The function displayTalks is used both to build up the initial display and to update it when something changes. It will use the shownTalks object, which associates talk titles with DOM nodes, to remember the talks it currently has on the screen.

var talkDiv = document.querySelector("#talks");
var shownTalks = Object.create(null);

function displayTalks(talks) {
  talks.forEach(function(talk) {
    var shown = shownTalks[talk.title];
    if (talk.deleted) {
      if (shown) {
        talkDiv.removeChild(shown);
        delete shownTalks[talk.title];
      }
    } else {
      var node = drawTalk(talk);
      if (shown)
        talkDiv.replaceChild(node, shown);
      else
        talkDiv.appendChild(node);
      shownTalks[talk.title] = node;
    }
  });
}

Building up the DOM structure for talks is done using the templates that were included in the HTML document. First we must define instantiateTemplate, which looks up and fills in a template.

The name parameter is the template’s name. To look up the template element, we search for an element whose class name matches the template name, which is a child of the element with ID "template". Using the querySelector method makes this easy. There were templates named "talk" and "comment" in the HTML page.

function instantiateTemplate(name, values) {
  function instantiateText(text) {
    return text.replace(/\{\{(\w+)\}\}/g, function(_, name) {
      return values[name];
    });
  }
  function instantiate(node) {
    if (node.nodeType == document.ELEMENT_NODE) {
      var copy = node.cloneNode();
      for (var i = 0; i < node.childNodes.length; i++)
        copy.appendChild(instantiate(node.childNodes[i]));
      return copy;
    } else if (node.nodeType == document.TEXT_NODE) {
      return document.createTextNode(
               instantiateText(node.nodeValue));
    }
  }

  var template = document.querySelector("#template ." + name);
  return instantiate(template);
}

The cloneNode method, which all DOM nodes have, creates a copy of a node. It won’t copy the node’s child nodes unless true is given as a first argument. The instantiate function recursively builds up a copy of the template, filling in the template as it goes.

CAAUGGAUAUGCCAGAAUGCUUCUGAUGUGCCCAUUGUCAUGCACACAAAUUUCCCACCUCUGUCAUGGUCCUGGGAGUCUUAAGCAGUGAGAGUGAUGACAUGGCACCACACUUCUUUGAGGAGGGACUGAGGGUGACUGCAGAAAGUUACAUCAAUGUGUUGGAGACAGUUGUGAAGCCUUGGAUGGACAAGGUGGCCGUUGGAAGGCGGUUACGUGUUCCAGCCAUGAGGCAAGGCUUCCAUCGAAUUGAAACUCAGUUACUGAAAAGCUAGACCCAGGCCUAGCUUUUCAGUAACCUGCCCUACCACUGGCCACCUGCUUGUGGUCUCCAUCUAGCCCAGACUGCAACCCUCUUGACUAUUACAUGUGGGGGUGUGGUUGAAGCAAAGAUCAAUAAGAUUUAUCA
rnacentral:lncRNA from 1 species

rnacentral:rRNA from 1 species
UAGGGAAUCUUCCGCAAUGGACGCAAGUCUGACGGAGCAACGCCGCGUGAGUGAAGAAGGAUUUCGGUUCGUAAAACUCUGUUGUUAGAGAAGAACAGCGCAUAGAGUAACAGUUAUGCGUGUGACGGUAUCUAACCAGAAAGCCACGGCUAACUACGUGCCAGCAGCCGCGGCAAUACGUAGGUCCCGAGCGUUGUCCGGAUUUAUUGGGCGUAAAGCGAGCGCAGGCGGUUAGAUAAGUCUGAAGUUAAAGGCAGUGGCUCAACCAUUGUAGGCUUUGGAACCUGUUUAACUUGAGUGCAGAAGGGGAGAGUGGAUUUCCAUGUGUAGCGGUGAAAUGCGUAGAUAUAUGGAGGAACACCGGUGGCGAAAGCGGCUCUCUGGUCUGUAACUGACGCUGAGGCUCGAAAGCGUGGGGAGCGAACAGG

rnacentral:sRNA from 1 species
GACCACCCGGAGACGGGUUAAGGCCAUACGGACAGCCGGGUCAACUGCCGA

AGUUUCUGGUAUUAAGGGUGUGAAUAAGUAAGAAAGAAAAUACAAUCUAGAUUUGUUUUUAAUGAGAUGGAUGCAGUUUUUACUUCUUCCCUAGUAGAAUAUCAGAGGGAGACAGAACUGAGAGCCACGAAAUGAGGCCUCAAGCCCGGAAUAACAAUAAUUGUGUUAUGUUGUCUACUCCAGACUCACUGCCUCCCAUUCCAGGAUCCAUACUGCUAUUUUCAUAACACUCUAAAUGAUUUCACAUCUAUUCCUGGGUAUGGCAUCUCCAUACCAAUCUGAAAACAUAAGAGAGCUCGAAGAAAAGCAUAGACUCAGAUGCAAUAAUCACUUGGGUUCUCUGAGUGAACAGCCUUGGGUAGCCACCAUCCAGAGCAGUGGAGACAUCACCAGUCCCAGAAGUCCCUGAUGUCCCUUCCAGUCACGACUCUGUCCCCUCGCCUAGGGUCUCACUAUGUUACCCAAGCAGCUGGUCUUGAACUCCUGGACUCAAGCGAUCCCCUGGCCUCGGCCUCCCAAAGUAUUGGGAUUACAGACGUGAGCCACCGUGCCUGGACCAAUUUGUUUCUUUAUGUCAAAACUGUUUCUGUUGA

The second argument to instantiateTemplate should be an object, whose properties hold the strings that are to be filled into the template. A placeholder like {{title}} will be replaced with the value of valuestitle property.

This is a crude approach to templating, but it is enough to implement drawTalk.

function drawTalk(talk) {
  var node = instantiateTemplate("talk", talk);
  var comments = node.querySelector(".comments");
  talk.comments.forEach(function(comment) {
    comments.appendChild(
      instantiateTemplate("comment", comment));
  });

  node.querySelector("button.del").addEventListener(
    "click", deleteTalk.bind(null, talk.title));

  var form = node.querySelector("form");
  form.addEventListener("submit", function(event) {
    event.preventDefault();
    addComment(talk.title, form.elements.comment.value);
    form.reset();
  });
  return node;
}

After instantiating the "talk" template, there are various things that need to be patched up. First, the comments have to be filled in by repeatedly instantiating the "comment" template and appending the results to the node with class "comments". Next, event handlers have to be attached to the button that deletes the task and the form that adds a new comment.

Updating the server

The event handlers registered by drawTalk call the function deleteTalk and addComment to perform the actual actions required to delete a talk or add a comment. These will need to build up URLs that refer to talks with a given title, for which we define the talkURL helper function.

function talkURL(title) {
  return "talks/" + encodeURIComponent(title);
}

The deleteTalk function fires off a DELETE request and reports the error when that fails.

function deleteTalk(title) {
  request({pathname: talkURL(title), method: "DELETE"},
          reportError);
}

Adding a comment requires building up a JSON representation of the comment and submitting that as part of a POST request.

function addComment(title, comment) {
  var comment = {author: nameField.value, message: comment};
  request({pathname: talkURL(title) + "/comments",
           body: JSON.stringify(comment),
           method: "POST"},
          reportError);
}

The nameField variable used to set the comment’s author property is a reference to the <input> field at the top of the page that allows the user to specify their name. We also wire up that field to localStorage so that it does not have to be filled in again every time the page is reloaded.